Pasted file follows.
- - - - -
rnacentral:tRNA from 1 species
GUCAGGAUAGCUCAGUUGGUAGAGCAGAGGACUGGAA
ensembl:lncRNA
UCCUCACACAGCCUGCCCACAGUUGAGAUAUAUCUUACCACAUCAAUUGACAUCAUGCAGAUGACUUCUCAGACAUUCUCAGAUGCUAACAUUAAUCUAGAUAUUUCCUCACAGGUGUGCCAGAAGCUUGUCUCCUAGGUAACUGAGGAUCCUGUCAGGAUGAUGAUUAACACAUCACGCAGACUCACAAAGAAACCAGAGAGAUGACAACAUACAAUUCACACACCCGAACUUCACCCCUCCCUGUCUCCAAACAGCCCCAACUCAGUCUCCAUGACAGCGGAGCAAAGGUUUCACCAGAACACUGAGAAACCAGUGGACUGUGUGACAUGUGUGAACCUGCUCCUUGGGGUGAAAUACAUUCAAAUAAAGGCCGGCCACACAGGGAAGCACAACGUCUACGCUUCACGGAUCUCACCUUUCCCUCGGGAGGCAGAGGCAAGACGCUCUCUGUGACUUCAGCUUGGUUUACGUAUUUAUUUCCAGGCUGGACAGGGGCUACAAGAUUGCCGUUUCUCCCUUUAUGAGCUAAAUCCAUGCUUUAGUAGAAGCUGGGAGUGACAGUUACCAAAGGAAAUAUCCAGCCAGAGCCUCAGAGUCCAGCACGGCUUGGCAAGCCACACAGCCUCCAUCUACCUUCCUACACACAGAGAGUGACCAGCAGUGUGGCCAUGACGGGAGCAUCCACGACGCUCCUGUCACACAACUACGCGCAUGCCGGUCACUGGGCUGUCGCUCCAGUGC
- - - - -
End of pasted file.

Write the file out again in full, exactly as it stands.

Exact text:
rnacentral:tRNA from 1 species
GUCAGGAUAGCUCAGUUGGUAGAGCAGAGGACUGGAA
ensembl:lncRNA
UCCUCACACAGCCUGCCCACAGUUGAGAUAUAUCUUACCACAUCAAUUGACAUCAUGCAGAUGACUUCUCAGACAUUCUCAGAUGCUAACAUUAAUCUAGAUAUUUCCUCACAGGUGUGCCAGAAGCUUGUCUCCUAGGUAACUGAGGAUCCUGUCAGGAUGAUGAUUAACACAUCACGCAGACUCACAAAGAAACCAGAGAGAUGACAACAUACAAUUCACACACCCGAACUUCACCCCUCCCUGUCUCCAAACAGCCCCAACUCAGUCUCCAUGACAGCGGAGCAAAGGUUUCACCAGAACACUGAGAAACCAGUGGACUGUGUGACAUGUGUGAACCUGCUCCUUGGGGUGAAAUACAUUCAAAUAAAGGCCGGCCACACAGGGAAGCACAACGUCUACGCUUCACGGAUCUCACCUUUCCCUCGGGAGGCAGAGGCAAGACGCUCUCUGUGACUUCAGCUUGGUUUACGUAUUUAUUUCCAGGCUGGACAGGGGCUACAAGAUUGCCGUUUCUCCCUUUAUGAGCUAAAUCCAUGCUUUAGUAGAAGCUGGGAGUGACAGUUACCAAAGGAAAUAUCCAGCCAGAGCCUCAGAGUCCAGCACGGCUUGGCAAGCCACACAGCCUCCAUCUACCUUCCUACACACAGAGAGUGACCAGCAGUGUGGCCAUGACGGGAGCAUCCACGACGCUCCUGUCACACAACUACGCGCAUGCCGGUCACUGGGCUGUCGCUCCAGUGC